[0078] The air from the hot air gun is delivered through small holes in the appropriately shaped tip 140 to a peripheral portion of the tile 42 such as a region, for instance, approximately ⅛ to ¼ inch wide (although wider areas may be desirable in some instances) and then pinch rollers may optionally be used to compress the heated fiber. The tip 140 of the air gun 29 and the pinch rollers move along the edge of the module. In another embodiment, a heated contact implement similar, for instance, to the tip of a soldering iron can be briefly brought in contact with a peripheral portion 70 of the tile 42 to treat that portion. Alternatively, the edge treatment 70 could be accomplished using infrared radiation or laser light, or by contacting portions of the tile 42 to be treated with a heated die having the pattern desired to be “imprinted” on the tile.

[0079] In another embodiment, a peripheral portion 70 of the tile 42 is treated with an ultrasonic machine, such as an ultrasonic “etching,” “welding,” or “bonding” machine. With ultrasonics, the tile fiber is generally compressed rather than melted and broken as with a heat treatment. Compressing the face yarn prevents edge ravel, because the face yarn of the treated region is compressed together. The compressed face yarn is also depressed below the nontreated yarn creating a “grout-like” appearance 70 when placed together with similarly treated tiles 42. Additionally, ink can be used with the ultrasonic machine to change the color of the treated region. Ultrasonic machines currently used to create designs in textile products such as mattress covers and quilts can be adapted for this application.

[0080] B. “Automatic” Tile Edge Treatment Machine Using Hot Air Only

[0081] FIGS. 7A and 7B show a top plan view of a production apparatus or machine 20 for imparting a grouted-edge appearance to square or rectangular modular flooring, such as a carpet tile or other modules having a textile fiber face. As shown in FIG. 7A, the machine 20 includes a conveyor line 22, and treating heads 30, 32 that can be heat sources. A second conveyor line 24 is positioned to be fed by conveyor line 24 at right angles to conveyor line 22.

[0082] The conveyor line 22 is positioned to traverse in a substantially horizontal direction to move modules 42, 44 and 47 past the heat sources 30, 32 to treat two opposed edges. A second pair of heat sources 31 and 33 treat the other pair of opposed module edges on the next conveyer line 24. Each conveyor line 22, 24 rests on legs (not shown) which support it at a convenient height for a worker placing modules on and removing modules from the machine 20. A control box (not shown) has controls for stopping the machine 20 and for controlling each conveyor line 22, 24 and heat sources 30, 31, 32 and 33. In one embodiment, the heat sources 30, 32 are a heat gun such as a Leister TWINNY Y heat gun or Leister Hot Air Welder model number 1G3. In another embodiment, the heat sources 30, 32 are a laser.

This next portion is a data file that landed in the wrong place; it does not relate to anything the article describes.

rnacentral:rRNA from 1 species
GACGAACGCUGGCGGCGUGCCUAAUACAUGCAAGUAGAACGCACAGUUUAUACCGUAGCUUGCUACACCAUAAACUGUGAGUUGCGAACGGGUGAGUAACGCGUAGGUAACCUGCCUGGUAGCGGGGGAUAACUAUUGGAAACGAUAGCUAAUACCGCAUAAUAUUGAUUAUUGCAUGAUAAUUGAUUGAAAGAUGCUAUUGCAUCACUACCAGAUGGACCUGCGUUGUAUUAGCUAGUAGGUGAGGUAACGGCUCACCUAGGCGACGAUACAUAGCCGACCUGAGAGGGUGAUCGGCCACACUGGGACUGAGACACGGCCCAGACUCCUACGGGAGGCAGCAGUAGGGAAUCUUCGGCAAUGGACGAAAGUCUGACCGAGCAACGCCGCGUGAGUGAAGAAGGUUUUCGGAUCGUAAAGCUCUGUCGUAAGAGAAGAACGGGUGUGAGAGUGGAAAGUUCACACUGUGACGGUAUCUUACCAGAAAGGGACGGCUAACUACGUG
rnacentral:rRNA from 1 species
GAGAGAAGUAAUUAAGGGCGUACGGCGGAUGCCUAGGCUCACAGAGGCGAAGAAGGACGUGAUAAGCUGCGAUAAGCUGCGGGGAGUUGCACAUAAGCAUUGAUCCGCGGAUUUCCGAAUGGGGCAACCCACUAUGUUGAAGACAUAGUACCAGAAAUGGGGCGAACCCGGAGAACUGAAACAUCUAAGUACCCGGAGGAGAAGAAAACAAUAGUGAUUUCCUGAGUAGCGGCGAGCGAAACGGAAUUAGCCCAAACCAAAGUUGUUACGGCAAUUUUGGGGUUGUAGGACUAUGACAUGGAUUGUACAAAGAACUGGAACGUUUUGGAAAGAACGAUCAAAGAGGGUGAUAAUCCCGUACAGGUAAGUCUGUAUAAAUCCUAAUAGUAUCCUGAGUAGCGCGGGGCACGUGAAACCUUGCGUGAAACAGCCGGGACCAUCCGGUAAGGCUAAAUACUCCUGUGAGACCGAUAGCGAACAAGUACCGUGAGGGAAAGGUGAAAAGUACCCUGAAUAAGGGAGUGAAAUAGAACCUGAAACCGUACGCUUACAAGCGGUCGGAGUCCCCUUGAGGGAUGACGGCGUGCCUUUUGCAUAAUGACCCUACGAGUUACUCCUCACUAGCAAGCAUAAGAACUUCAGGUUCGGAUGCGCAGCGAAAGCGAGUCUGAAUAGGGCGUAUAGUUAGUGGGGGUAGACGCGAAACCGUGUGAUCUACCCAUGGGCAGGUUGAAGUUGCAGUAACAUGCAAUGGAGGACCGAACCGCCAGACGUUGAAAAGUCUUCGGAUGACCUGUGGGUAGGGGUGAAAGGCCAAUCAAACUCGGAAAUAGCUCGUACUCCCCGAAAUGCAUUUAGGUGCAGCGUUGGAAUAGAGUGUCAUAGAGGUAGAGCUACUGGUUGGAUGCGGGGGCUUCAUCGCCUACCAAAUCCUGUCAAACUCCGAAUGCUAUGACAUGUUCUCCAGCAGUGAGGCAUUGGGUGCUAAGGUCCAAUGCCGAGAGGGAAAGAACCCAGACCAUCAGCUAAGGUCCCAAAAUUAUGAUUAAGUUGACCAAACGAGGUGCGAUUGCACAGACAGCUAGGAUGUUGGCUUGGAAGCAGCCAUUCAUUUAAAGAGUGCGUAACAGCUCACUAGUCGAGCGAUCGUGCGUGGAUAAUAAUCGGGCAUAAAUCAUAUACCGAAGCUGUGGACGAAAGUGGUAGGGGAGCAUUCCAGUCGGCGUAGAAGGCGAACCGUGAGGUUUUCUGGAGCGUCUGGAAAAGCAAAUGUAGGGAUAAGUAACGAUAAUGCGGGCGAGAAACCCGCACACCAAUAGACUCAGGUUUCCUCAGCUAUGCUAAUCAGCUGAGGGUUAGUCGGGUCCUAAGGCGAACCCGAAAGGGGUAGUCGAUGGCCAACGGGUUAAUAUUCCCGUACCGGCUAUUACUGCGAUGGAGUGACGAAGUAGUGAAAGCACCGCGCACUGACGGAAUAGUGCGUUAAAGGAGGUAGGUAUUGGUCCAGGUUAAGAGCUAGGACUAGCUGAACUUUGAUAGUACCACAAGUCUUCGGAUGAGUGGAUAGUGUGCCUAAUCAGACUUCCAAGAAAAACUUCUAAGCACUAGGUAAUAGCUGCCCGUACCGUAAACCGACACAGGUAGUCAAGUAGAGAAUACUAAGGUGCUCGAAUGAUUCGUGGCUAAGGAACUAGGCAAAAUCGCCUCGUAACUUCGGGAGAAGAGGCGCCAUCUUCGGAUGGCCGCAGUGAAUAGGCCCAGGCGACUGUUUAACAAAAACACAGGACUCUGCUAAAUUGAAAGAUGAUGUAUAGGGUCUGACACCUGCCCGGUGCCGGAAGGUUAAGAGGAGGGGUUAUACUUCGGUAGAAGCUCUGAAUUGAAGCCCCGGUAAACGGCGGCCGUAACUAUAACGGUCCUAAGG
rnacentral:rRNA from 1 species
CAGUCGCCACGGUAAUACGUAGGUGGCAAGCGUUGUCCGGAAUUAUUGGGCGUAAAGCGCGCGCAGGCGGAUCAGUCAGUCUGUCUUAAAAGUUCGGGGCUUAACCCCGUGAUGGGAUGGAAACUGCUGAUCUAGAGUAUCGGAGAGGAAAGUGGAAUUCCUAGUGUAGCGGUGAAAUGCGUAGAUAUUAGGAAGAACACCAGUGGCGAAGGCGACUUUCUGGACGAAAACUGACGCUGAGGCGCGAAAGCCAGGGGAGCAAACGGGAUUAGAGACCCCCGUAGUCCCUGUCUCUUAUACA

[0083] FIG. 7A shows a top view of flooring tiles 42, 44 on the first conveyor line 22. Tiles are placed on the first conveyor line 22 such that they are adjacent to (or abut) each other. The conveyor lines 22, 24 include fences 46 on each side. The fences 46 serve to position the tiles 42, 44 so that the edges will be properly treated. Spring strips 48 attached to parallel bars 50 affixed over the conveyor lines 22 and 24 serve to eliminate lifting, curling or puckering of the tiles 42, 44 while traveling along the conveyor lines 22 and 24.

[0084] As shown in FIG. 7A, two adjacent tiles 42, 44 are being treated by heat guns, 30 and 32, respectively. One edge 49 of the tile 44 was first treated first by heat gun 30. As the tile 44 progresses along the conveyor line 22, the opposite edge 51 is heat treated by the other heat gun 32. The adjacent tile 42 is in position to be treated from the heat gun 30. Heat is first applied to one edge 52 of the tile 42. As tile 42 passes underneath heat gun 32, the opposite edge 53 of tile 42 will be treated. Spring strips 48 apply slight pressure on the tiles 42, 44 so they remain in position on the conveyor line 22. Tiles 42, 44 and 47 are transported along the first conveyor line 22 to a chute 66 that transitions the tile 47 to the second conveyor line 24.

[0085] The downstream end 26 of conveyor line 22 is elevated so that a tile 47 can drop from conveyor line 22 onto conveyor line 24. The chute 66 receives the tile 47 from the first conveyor line 22 and drops the tile 47 onto the slide 68 for positioning on the second conveyor line 24. As the tile transfers from one conveyor line 22 to conveyor line 24, the conveyor line 24 is orthogonal (i.e., at 90°) to the first conveyor line 22 so that a second edge 71 of the tile 47 can be heat treated. Thus, the tile 47 does not turn, but the second pair of edges is presented for treatment by moving tiles in an orthogonal direction as compared to their first direction of travel. Conveyor line 22 utilizes two belts 21 and 23 positioned end-to-end. Conveyor lines 22 and 24 can be: (1) one or more belts each or (2) roller conveyors or (3) other types of conveyors. Belt 21 conveys tiles 42, 44 past treating stations 30 and 32 and onto belt 23, which operates at a higher speed than belt 21, thereby separating tiles 42, 44 that were abutting when traveling on belt 21. This separation between tiles at the point where they change direction even though they abut (or are adjacent to) each other when passing the treating stations provides time for the tile 47 to drop, and settle in position on the next conveyor belt 25 and start moving orthogonal to the original direction of travel without dropping a succeeding tile on top of tile 47. Due to the change in speed, the tile 47 drops onto belt 25 of conveyor line 24, settles onto conveyor belt 25 and begins traveling in the direction of the next heat source 31 shown in FIG. 7B before the next tile 44 drops onto belt 25. Belt 25 of conveyor line 24 may also be operated at a higher speed to feed belt 27 running at a lower speed.

[0086] Alternatively, an apparatus for rotating each module 90° could be used between conveyor lines 22 and 24 so that both conveyor lines 22, 24 could move modules in the same direction.